The answer, in one powerful word, is the media. Even a died-in-the-wool liberal antagonist of the president, Ross Douthat, admitted in last Sunday’s “Review” section of the New York Times (January 29, 2017, page 11) that “the establishment press…is being pressured to lead the resistance to Trumpism, which makes it more likely to run with the most shocking interpretations…of whatever the White House happens to be doing.” Clearly, the press and greater media have long ago abandoned any pretense of objectivity or truth-searching in order to advance further a cause that has moved further and further to the left toward a wildly radical agenda.

So what does this have to with us as Torah Jews? No, it is not only about Israel, the location of embassies, or Jared and Ivanka Trump’s Yiddishkeit. It actually goes to the heart of our lives as avdei Hashem.

When my rebbi, Rav Yitzchok Hutner zt”l, arrived upon these shores just before Pesach 5694 (1934), he was not fluent in English, let alone ready to disseminate influential articles in his new home. Yet, just two years later, he felt compelled to publish in the Young Israel Viewpoint, one of the only Orthodox journals of the day, a seminal article entitled “Public Opinion and Jewish Education” (Summer, 1936). In it, he explained the dangers of an anti-Torah press and the hashkafah underlying its baleful influence (see Sefer Hazikaron, Pachad Yitzchok, pages 29 and 125).

The Chazon Ish zt”l also railed against the anti-religious press of his time, warning that “they daily publish articles designed to persuasively wrench our people from belief in the Thirteen Primary Beliefs, to implant in them the thought that there is only one world, that the universe has no Creator, that we are not a unique nation and that the Torah is not divine. Their entire purpose is that everyone should follow their spirit of heresy” (Igros 1:96).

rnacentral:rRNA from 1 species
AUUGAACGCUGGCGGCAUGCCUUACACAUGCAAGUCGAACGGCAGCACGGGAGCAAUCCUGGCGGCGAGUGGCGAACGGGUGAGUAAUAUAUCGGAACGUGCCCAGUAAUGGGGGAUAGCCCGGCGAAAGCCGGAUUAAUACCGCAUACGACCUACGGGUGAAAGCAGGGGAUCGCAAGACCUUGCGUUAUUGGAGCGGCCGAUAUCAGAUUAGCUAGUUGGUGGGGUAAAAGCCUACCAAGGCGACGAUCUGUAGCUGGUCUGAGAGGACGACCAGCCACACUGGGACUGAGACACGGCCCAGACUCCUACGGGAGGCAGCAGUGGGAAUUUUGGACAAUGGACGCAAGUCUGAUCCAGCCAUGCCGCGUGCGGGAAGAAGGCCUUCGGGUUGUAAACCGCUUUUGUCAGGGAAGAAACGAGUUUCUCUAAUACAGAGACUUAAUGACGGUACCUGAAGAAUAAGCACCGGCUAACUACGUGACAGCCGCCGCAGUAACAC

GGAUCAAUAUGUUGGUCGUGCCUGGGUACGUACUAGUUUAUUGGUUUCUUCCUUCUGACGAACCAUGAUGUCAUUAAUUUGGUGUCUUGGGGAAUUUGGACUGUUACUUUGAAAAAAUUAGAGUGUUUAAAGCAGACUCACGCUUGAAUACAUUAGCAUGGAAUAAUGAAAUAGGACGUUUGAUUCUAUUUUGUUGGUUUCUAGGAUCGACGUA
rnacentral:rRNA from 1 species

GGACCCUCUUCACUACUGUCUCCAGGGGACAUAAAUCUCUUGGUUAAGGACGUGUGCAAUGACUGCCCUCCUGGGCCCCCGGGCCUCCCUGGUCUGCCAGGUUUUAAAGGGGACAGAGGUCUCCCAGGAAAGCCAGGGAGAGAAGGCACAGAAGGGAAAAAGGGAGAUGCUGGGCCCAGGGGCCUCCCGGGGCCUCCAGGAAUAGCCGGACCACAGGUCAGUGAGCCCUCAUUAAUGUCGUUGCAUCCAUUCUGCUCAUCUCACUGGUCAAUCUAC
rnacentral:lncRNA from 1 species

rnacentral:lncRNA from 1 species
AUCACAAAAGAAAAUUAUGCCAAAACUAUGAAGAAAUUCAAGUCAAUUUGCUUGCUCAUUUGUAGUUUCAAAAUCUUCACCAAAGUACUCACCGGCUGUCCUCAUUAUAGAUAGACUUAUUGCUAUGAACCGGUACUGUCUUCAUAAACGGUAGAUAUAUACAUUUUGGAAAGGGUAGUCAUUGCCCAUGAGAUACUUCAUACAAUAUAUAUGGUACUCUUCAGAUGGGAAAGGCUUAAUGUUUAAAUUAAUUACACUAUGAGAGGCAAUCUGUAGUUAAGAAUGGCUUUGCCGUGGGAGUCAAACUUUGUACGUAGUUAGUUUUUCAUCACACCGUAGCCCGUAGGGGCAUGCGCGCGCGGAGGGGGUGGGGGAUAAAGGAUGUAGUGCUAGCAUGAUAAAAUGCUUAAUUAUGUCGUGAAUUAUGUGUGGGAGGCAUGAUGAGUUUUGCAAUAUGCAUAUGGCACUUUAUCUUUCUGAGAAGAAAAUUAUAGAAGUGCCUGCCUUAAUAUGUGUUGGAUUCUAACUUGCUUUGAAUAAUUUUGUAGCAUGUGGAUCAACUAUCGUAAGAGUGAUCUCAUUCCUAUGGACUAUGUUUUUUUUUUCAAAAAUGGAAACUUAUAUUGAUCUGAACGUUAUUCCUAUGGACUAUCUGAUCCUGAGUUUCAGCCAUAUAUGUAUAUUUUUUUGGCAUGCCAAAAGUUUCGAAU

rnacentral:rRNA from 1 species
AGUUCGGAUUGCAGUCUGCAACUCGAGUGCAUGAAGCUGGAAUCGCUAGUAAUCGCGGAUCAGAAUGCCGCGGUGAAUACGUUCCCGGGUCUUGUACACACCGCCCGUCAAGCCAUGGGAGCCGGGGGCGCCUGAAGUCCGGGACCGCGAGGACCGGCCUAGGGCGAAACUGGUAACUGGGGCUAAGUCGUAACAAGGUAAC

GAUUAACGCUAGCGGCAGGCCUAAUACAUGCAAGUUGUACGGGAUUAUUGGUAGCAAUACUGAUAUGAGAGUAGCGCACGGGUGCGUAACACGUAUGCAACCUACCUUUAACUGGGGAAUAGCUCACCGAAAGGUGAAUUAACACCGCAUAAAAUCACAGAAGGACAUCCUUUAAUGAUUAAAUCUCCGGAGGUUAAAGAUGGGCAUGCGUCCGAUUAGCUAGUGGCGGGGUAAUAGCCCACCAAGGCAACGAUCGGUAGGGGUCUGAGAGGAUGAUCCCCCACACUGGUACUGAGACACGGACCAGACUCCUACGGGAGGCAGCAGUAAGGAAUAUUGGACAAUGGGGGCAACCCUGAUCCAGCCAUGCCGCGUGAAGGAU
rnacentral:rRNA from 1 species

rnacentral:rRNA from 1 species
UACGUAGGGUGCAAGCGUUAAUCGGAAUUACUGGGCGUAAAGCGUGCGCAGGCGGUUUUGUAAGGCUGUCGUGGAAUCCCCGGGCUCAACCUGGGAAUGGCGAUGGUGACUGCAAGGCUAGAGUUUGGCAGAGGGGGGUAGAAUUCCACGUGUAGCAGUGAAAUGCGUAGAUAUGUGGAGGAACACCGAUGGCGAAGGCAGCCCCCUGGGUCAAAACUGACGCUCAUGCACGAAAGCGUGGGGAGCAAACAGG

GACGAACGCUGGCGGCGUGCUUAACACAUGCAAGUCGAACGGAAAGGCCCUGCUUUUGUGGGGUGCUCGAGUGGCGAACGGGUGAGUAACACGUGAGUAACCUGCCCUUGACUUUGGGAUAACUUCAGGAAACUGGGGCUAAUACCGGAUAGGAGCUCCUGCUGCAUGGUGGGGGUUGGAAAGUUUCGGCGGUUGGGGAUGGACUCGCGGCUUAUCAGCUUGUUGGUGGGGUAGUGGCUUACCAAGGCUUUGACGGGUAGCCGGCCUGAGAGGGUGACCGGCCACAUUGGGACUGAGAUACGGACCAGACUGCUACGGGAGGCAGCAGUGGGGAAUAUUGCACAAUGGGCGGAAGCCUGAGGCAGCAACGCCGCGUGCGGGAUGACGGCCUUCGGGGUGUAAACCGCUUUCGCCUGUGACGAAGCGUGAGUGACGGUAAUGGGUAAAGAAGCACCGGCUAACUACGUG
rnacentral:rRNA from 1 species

The Chofetz Chaim zt”l (Maamar Chizuk Ha’emunah) pointed out the source for the fact that this is actually an affliction generic to our time. When the angel informed Sarah Imeinu that she would give birth to a son, the Torah records that she silently laughed (Bereishis 18:12). The Chofetz Chaim asks why the Torah needed to notify us of Sarah’s apparent deficiency in emunah. He answers that there will come a time known as ikvesa deMeshicha, when the coming of Moshiach will be near. At that time, many gedolei Yisroel will fulfill the role of the ancient prophets, instilling faith in Klal Yisroel and exhorting them to do teshuvah. The Torah is here predicting that despite these efforts, there will be people who will not believe. Just as He was disappointed in Sarah (18:14), so will He be critical of this lack of faith. As the Chofetz Chaim concludes, so it was in Egypt as well (last week’s parsha, Shemos 6:9) that the people did not accept Moshe Rabbeinu’s promise of redemption at first either. The Chofetz Chaim elsewhere (Sichos, 2:48) says that the recent discovery of many inventions that can transport people across vast distances is so that it will be easier to believe that redemption can indeed soon occur.